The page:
Chemist

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This article is about a scientific profession. For other uses, see Chemist (disambiguation).
The Apothecary or The Chemist by Gabriël Metsu (c. 1651–67)

A chemist is a scientist trained in the study of chemistry. Chemists study the composition of matter and its properties. Chemists carefully describe the properties they study in terms of quantities, with detail on the level of molecules and their component atoms. Chemists carefully measure substance proportions, reaction rates, and other chemical properties.

Chemists use this knowledge to learn the composition, and properties of unfamiliar substances, as well as to reproduce and synthesize large quantities of useful naturally occurring substances and create new artificial substances and useful processes. Chemists may specialize in any number of subdisciplines of chemistry. Materials scientists and metallurgists share much of the same education and skills with chemists. The work of chemists is often related to the work of chemical engineers, which are primarily concerned with the proper design, construction and evaluation of the most cost-effective large-scale chemical plants and work closely with industrial chemists on the development of new processes and methods for the commercial-scale manufacture of chemicals and related products.

History of chemistry[edit]

Main article: History of chemistry
Russian chemist Dmitri Mendeleev - author of the first modern periodic table of elements
Antoine Lavoisier (1743–94) is considered the "Father of Modern Chemistry".

The roots of chemistry can be traced to the phenomenon of burning. Fire was a mystical force that transformed one substance into another and thus was of primary interest to mankind. It was fire that led to the discovery of iron and glass. After gold was discovered and became a precious metal, many people were interested to find a method that could convert other substances into gold. This led to the protoscience called alchemy. The word chemist is derived from the New Latin noun chimista, an abbreviation of alchimista (alchemist). Alchemists discovered many chemical processes that led to the development of modern chemistry. Chemistry as we know it today, was invented by Antoine Lavoisier with his law of conservation of mass in 1783. The discoveries of the chemical elements has a long history culminating in the creation of the periodic table by Dmitri Mendeleev. The Nobel Prize in Chemistry created in 1901 gives an excellent overview of chemical discovery since the start of the 20th century.

Education[edit]

Jobs for chemists usually require at least a bachelor's degree, but many positions, especially those in research, require a Ph.D. Most undergraduate programs emphasize mathematics and physics as well as chemistry, partly because chemistry is also known as "the central science", thus chemists ought to have a well-rounded knowledge about science. At the Master's level and higher, students tend to specialize in a particular field. Fields of specialization include biochemistry, nuclear chemistry, organic chemistry, inorganic chemistry, polymer chemistry, analytical chemistry, theoretical chemistry, quantum chemistry, environmental chemistry, and physical chemistry. Postdoctoral experience may be required for certain positions.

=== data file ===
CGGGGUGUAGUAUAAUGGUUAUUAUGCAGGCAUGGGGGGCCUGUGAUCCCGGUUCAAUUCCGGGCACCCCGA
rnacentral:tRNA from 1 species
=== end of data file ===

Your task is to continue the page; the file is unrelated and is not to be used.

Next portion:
Workers whose work involves chemistry, but not at a complexity requiring an education with a chemistry degree, are commonly referred to as chemical technicians. Such technicians commonly do such work as simpler, repetitive analyses for quality control or in clinical laboratories.

Employment[edit]

The three major employers of chemists are academic institutions, industry, especially the chemical industry and the pharmaceutical industry, and government laboratories.

Chemistry typically is divided into several major sub-disciplines. There are also several main cross-disciplinary and more specialized fields of chemistry. There is a great deal of overlap between different branches of chemistry, as well as with other scientific fields such as biology, medicine, physics, radiology, and several engineering disciplines.

A chemist prepares a new fuel cell for testing.
A chemist pours from a round-bottom flask.

All the above major areas of chemistry employ chemists. Other fields where chemical degrees are useful include astrochemistry (and cosmochemistry), atmospheric chemistry, chemical engineering, chemo-informatics, electrochemistry, environmental science, forensic science, geochemistry, green chemistry, history of chemistry, materials science, medical science, molecular biology, molecular genetics, nanotechnology, nuclear chemistry, oenology, organometallic chemistry, petrochemistry, pharmacology, photochemistry, phytochemistry, polymer chemistry, supramolecular chemistry and surface chemistry.

Professional societies[edit]

Chemists may belong to professional societies that specialize in chemist members, such as the Royal Society of Chemistry in the United Kingdom, or the American Chemical Society (ACS) in the United States.

Honors and awards[edit]

The highest honor awarded to chemists is the Nobel Prize in Chemistry, awarded since 1901, by the Royal Swedish Academy of Sciences.

See also[edit]

References[edit]

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